Healing of the soul, healing of the body

by | Sep 23, 2021 | Featured

Stephen Fried with area clergy
Sunday, October 3, 5:30 pm

Stephen Fried with area professionals
Monday, October 4, 7 pm

If someone were to ask what’s in your pillbox, you may answer blood pressure medication, cholesterol medication, immunosuppressants, something needed to keep diabetes under control, etc. Would you tell them about your anti-depressants? Would you let them know about the medicine you take for anxiety, OCD, or depression?

These are the diseases only discussed in a whisper. Societal beliefs have led to the shame that many feel when talking about their mental wellbeing and brain health. When these illnesses are taken out of hiding, people can support one another.

As it says in the Talmud, kol yisrael arevim zeh bazeh, which translates to “All of Israel are responsible for one another.” How can this be extended to issues of mental health? This year, the Tidewater Jewish community is going to begin to address this challenge.

Author and award-winning investigative journalist, Stephen Fried, is coming to Tidewater as a part of the Milton “Mickey” Kramer Scholar in Residence Fund of the Congregation Beth El Foundation’s Tidewater Together series. This part of Tidewater Together consists of two programs over two days, and is in partnership with Jewish Family Service of Tidewater.

In the first program, on October 3, Fried will be joined by local Jewish clergy including Rabbi Michael Panitz, Rabbi Rosalin Mandelberg, Rabbi Ron Koas, Cantor Wendi Fried, and Cantor Jennifer Rueben, to discuss why brain health and mental well-being matter to the Jewish people and what can be done as a Jewish community to bring these topics out of the shadows.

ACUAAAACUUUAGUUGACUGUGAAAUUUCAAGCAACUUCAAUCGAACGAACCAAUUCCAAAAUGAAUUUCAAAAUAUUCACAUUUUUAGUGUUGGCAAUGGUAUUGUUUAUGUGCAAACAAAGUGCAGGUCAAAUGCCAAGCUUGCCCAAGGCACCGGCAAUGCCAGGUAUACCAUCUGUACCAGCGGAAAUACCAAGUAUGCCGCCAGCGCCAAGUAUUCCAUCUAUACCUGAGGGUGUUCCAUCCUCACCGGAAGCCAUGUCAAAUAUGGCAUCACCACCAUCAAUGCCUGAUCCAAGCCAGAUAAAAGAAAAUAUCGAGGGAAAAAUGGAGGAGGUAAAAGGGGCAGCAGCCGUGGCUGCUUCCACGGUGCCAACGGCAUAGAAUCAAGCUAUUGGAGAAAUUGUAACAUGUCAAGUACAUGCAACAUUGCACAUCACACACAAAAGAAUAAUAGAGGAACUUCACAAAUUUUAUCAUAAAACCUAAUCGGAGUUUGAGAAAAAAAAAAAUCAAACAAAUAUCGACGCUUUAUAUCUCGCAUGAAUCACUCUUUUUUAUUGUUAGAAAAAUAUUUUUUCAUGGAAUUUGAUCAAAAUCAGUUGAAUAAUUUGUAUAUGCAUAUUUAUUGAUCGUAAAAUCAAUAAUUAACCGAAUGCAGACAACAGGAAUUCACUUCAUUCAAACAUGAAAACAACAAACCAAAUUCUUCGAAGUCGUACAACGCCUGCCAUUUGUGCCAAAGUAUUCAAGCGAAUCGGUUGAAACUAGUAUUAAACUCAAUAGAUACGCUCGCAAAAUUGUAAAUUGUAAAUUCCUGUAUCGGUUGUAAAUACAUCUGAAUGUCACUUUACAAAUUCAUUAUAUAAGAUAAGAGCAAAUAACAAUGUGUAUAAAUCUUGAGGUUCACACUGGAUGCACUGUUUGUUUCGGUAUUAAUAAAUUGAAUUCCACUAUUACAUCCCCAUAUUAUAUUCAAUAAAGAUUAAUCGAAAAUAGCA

The second program, on October 4, will feature representatives from local organizations: Jewish Family Service of Tidewater, National Alliance of Mental Illness (NAMI), Virginia Beach Police Department’s Crisis Intervention Team, I Need a Lighthouse, and VB Strong Center. In conversation with Fried, these professionals will explore what work is currently being done locally to address the mental well-being of the community, what work still needs to be done, and how to help.

The Mi Shebeirach, the traditional healing prayer, asks for a refuat hanefesh—healing of the soul—refuat haguf—and healing of the body. Bodily health and mental/spiritual well-being are knotted together. Without both, the healing is not considered to be complete. The issue of mental health and well-being is deeply embedded in Jewish tradition and values. It is time that mental health is openly discussed.

These free and open to the community programs offer in-person and virtual tickets. Pre-registration is required for both. With something to offer to everyone, The Milton “Mickey” Kramer Scholar-in-Residence Fund’s Tidewater Together series will continue this spring with visiting authors, podcasters, and artists. To learn more, or to register, visit JewishVA.org/TidewaterTogether or contact Sierra Lautman, director of Jewish Innovation, at United Jewish Federation of Tidewater at 757-965-6107 or SLautman@UJFT.org.

-Sierra Lautman and Alene Jo Kaufman